Ramon Hernandez is set to be executed Wednesday for the 2001 abduction, rape and killing of Rosa Maria Rosado.
But the man prosecutors have called a serial rapist and murderer is known to have other victims.
Rosado, whose body was found in a shallow grave near Loop 1604 and UTSA Boulevard, was the first of five victims authorities connected to Hernandez or named him as suspect. It was his only conviction.
The single mom, 37, was snatched from a bus stop near Highway 90 and Military Drive. She was bound with tape, had her head covered and was driven to a Culebra Road motel, where she was killed.
By the time Hernandez was linked to Rosado’s homicide, the families of Sarah Gonzales, 13, and Priscilla Almares, 12, had been searching seven years for answers in the young cousins’ killings.
“I can’t explain the feeling; I can’t explain the hurt,” said John Gonzales, father of Sarah and uncle to Priscilla. “Unless you walk in my shoes, you just can’t imagine it. You’re kind of numb. There’s disbelief it happened.”
For Gonzales, there also was disbelief that police had found his daughter’s killer. But after they told him about DNA evidence that linked Hernandez to the crime, he finally could stop searching.
Hernandez also is the main suspect in a 1995 Bandera County case involving two teens reported missing about a month before Sarah and Priscilla.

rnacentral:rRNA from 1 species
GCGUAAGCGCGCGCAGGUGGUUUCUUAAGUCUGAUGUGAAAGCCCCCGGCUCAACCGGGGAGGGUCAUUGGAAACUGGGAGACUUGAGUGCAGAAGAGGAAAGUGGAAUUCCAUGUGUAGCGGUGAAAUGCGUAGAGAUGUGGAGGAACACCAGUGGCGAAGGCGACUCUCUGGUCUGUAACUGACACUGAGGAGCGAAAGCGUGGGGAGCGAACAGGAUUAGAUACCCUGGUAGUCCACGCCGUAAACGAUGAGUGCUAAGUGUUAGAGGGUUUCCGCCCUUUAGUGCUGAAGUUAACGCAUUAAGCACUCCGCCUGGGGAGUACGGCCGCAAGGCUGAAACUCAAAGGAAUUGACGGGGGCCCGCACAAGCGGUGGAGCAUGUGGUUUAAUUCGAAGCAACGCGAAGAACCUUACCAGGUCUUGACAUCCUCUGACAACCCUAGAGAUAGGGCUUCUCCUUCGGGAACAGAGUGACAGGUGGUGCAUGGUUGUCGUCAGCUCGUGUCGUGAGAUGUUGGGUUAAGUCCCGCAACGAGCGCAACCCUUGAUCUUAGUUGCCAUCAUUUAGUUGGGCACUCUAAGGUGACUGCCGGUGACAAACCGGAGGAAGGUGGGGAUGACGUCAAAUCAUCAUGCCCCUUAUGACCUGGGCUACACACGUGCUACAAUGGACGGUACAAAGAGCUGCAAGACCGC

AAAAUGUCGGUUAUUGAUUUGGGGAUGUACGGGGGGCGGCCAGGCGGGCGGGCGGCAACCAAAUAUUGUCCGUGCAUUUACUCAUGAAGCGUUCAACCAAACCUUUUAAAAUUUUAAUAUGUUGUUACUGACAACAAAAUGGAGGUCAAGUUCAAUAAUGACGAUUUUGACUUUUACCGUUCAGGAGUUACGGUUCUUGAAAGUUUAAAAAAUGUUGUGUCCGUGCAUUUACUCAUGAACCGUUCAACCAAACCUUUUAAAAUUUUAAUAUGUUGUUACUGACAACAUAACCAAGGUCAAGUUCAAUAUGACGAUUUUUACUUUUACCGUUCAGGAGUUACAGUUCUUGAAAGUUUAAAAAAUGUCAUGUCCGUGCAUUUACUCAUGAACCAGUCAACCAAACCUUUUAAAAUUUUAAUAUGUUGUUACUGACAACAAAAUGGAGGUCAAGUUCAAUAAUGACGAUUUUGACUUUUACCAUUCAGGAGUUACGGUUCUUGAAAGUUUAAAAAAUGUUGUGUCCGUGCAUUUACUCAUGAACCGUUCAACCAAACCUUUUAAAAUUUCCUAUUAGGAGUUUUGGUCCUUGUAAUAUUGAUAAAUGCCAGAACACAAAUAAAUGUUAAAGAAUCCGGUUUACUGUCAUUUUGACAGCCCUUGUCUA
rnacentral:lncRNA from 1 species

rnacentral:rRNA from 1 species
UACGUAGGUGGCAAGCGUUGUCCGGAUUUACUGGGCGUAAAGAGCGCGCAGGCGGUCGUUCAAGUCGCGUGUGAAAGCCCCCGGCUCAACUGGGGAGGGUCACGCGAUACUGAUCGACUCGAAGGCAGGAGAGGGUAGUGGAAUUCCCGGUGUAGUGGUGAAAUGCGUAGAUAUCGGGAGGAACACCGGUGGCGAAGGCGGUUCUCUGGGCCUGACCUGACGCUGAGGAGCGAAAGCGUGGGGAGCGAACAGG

At the time of all of the homicides, Hernandez was on parole for breaking into a house and allegedly raping a woman.
While Hernandez wasn’t convicted in the killings of Sarah and Priscilla, Gonzales said justice was done because authorities announced they closed the case using DNA.
Gonzalez said no one from their family planned to witness the execution.
Hernandez, 41, declined to comment. His attorney, Robin Norris, requested a commutation of Hernandez’s sentence to life without parole, arguing that his client was a party to the crime but didn’t rape or kill Rosado.
Norris pointed to Hernandez’s co-defendant, Santos Minjarez, as the main culprit.
Minjarez also was sentenced to death in a separate trial. He died of natural causes in Jan. 2012 before his execution was set.
Hernandez was afraid of Minjarez and he also was withdrawing from addictive medication prescribed as part of his parole, Norris said.
The medication was to treat anxiety and post traumatic stress disorders that developed after Hernandez watched his father get shot in front of him, he added. That made Hernandez more susceptible to Minjarez’s suggestions, Norris said.
“Clearly he’s responsible in some measure for this,” Norris said. “But in the past, the governor has commuted a sentence if the person didn’t commit the offense by his own person.”
The status of the commutation request wasn’t available. Both Hernandez and Minjarez pointed to each other as the murderer in their separate trials, according to previous stories. Prosecutors pointed to Sarah and Priscilla’s cases to show a pattern.
“They were like sisters,” Gonzales said. “They disappeared together. They found them together and we buried them together.”